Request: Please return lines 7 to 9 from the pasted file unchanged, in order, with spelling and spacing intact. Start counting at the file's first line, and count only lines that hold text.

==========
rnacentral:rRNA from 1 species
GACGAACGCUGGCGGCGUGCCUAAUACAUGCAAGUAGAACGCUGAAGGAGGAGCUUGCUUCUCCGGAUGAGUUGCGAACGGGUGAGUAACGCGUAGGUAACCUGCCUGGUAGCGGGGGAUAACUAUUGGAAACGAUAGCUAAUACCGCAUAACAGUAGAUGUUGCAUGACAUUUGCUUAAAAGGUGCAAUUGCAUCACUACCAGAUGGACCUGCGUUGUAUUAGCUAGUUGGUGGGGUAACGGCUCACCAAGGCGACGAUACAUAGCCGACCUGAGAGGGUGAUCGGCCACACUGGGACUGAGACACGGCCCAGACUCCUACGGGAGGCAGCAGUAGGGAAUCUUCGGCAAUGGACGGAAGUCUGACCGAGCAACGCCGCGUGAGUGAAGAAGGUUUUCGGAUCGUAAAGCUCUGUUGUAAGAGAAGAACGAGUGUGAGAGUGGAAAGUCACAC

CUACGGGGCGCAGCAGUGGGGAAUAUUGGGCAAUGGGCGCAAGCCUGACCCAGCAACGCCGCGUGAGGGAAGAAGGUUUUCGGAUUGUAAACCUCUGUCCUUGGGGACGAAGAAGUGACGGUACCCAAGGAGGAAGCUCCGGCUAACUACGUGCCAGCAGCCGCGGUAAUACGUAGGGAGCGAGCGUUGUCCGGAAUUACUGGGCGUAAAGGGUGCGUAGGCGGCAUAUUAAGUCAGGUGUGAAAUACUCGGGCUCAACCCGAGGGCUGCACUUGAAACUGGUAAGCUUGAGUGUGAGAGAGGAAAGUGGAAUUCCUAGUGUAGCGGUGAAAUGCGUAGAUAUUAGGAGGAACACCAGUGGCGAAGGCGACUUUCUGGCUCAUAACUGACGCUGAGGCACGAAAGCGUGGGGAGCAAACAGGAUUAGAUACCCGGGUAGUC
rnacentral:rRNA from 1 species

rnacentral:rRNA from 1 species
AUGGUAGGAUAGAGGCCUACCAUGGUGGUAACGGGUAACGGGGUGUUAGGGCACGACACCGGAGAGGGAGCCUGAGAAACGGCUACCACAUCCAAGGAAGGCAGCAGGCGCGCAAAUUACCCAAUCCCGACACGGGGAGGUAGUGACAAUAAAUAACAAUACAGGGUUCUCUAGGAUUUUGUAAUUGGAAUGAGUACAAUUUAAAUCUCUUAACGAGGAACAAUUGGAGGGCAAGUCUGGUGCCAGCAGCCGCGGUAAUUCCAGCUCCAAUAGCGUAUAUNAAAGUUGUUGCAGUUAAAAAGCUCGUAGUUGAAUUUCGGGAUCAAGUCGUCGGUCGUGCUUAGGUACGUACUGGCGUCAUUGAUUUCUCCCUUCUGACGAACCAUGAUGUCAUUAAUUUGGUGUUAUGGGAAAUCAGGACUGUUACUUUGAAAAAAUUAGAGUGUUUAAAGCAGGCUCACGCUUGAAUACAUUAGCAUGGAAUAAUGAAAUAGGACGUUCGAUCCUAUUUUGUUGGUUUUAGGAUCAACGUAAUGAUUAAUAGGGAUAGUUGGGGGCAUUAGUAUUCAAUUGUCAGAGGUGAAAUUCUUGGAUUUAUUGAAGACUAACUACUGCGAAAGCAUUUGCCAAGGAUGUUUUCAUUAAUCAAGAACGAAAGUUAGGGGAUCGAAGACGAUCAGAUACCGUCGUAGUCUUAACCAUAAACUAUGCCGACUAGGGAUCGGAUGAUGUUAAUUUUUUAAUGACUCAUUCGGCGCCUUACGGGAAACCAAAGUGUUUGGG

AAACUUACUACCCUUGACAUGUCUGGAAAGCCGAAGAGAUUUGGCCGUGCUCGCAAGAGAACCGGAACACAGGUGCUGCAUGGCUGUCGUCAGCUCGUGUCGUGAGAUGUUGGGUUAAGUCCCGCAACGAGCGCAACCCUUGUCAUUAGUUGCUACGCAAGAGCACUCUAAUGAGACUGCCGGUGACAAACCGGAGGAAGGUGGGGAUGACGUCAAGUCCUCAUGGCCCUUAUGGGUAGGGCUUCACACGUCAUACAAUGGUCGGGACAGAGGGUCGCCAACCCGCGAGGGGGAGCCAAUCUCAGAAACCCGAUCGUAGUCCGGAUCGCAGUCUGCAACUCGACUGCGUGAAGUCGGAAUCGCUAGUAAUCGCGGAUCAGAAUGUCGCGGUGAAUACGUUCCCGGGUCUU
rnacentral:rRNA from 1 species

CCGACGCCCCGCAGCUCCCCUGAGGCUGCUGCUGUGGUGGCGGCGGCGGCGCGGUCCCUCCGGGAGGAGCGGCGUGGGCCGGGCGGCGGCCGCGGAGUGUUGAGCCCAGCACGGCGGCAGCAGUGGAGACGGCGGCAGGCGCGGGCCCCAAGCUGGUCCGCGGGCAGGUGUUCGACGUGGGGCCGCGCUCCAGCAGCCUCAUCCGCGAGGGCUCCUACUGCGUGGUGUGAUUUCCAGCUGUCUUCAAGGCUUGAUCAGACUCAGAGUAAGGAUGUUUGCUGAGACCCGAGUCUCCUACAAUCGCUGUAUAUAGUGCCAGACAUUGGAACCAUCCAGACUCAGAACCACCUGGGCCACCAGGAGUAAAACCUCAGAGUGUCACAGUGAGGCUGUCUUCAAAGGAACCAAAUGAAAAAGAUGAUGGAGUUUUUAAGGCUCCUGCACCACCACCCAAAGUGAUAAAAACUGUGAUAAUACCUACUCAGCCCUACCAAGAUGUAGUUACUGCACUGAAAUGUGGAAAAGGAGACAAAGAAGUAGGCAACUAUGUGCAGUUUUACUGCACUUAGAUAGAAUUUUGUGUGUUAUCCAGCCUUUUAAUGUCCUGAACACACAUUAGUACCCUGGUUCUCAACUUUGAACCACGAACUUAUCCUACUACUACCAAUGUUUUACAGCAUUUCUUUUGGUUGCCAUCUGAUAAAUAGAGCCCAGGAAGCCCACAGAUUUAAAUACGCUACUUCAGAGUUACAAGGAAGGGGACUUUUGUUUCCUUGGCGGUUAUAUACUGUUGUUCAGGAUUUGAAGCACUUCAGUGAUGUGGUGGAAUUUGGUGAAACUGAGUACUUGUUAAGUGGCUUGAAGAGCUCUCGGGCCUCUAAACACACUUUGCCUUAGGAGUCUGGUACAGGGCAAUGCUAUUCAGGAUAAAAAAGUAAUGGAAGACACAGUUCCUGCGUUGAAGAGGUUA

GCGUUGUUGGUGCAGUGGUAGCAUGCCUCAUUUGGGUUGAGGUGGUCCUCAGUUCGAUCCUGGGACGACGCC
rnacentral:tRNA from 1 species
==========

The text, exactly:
AAACUUACUACCCUUGACAUGUCUGGAAAGCCGAAGAGAUUUGGCCGUGCUCGCAAGAGAACCGGAACACAGGUGCUGCAUGGCUGUCGUCAGCUCGUGUCGUGAGAUGUUGGGUUAAGUCCCGCAACGAGCGCAACCCUUGUCAUUAGUUGCUACGCAAGAGCACUCUAAUGAGACUGCCGGUGACAAACCGGAGGAAGGUGGGGAUGACGUCAAGUCCUCAUGGCCCUUAUGGGUAGGGCUUCACACGUCAUACAAUGGUCGGGACAGAGGGUCGCCAACCCGCGAGGGGGAGCCAAUCUCAGAAACCCGAUCGUAGUCCGGAUCGCAGUCUGCAACUCGACUGCGUGAAGUCGGAAUCGCUAGUAAUCGCGGAUCAGAAUGUCGCGGUGAAUACGUUCCCGGGUCUU
rnacentral:rRNA from 1 species

CCGACGCCCCGCAGCUCCCCUGAGGCUGCUGCUGUGGUGGCGGCGGCGGCGCGGUCCCUCCGGGAGGAGCGGCGUGGGCCGGGCGGCGGCCGCGGAGUGUUGAGCCCAGCACGGCGGCAGCAGUGGAGACGGCGGCAGGCGCGGGCCCCAAGCUGGUCCGCGGGCAGGUGUUCGACGUGGGGCCGCGCUCCAGCAGCCUCAUCCGCGAGGGCUCCUACUGCGUGGUGUGAUUUCCAGCUGUCUUCAAGGCUUGAUCAGACUCAGAGUAAGGAUGUUUGCUGAGACCCGAGUCUCCUACAAUCGCUGUAUAUAGUGCCAGACAUUGGAACCAUCCAGACUCAGAACCACCUGGGCCACCAGGAGUAAAACCUCAGAGUGUCACAGUGAGGCUGUCUUCAAAGGAACCAAAUGAAAAAGAUGAUGGAGUUUUUAAGGCUCCUGCACCACCACCCAAAGUGAUAAAAACUGUGAUAAUACCUACUCAGCCCUACCAAGAUGUAGUUACUGCACUGAAAUGUGGAAAAGGAGACAAAGAAGUAGGCAACUAUGUGCAGUUUUACUGCACUUAGAUAGAAUUUUGUGUGUUAUCCAGCCUUUUAAUGUCCUGAACACACAUUAGUACCCUGGUUCUCAACUUUGAACCACGAACUUAUCCUACUACUACCAAUGUUUUACAGCAUUUCUUUUGGUUGCCAUCUGAUAAAUAGAGCCCAGGAAGCCCACAGAUUUAAAUACGCUACUUCAGAGUUACAAGGAAGGGGACUUUUGUUUCCUUGGCGGUUAUAUACUGUUGUUCAGGAUUUGAAGCACUUCAGUGAUGUGGUGGAAUUUGGUGAAACUGAGUACUUGUUAAGUGGCUUGAAGAGCUCUCGGGCCUCUAAACACACUUUGCCUUAGGAGUCUGGUACAGGGCAAUGCUAUUCAGGAUAAAAAAGUAAUGGAAGACACAGUUCCUGCGUUGAAGAGGUUA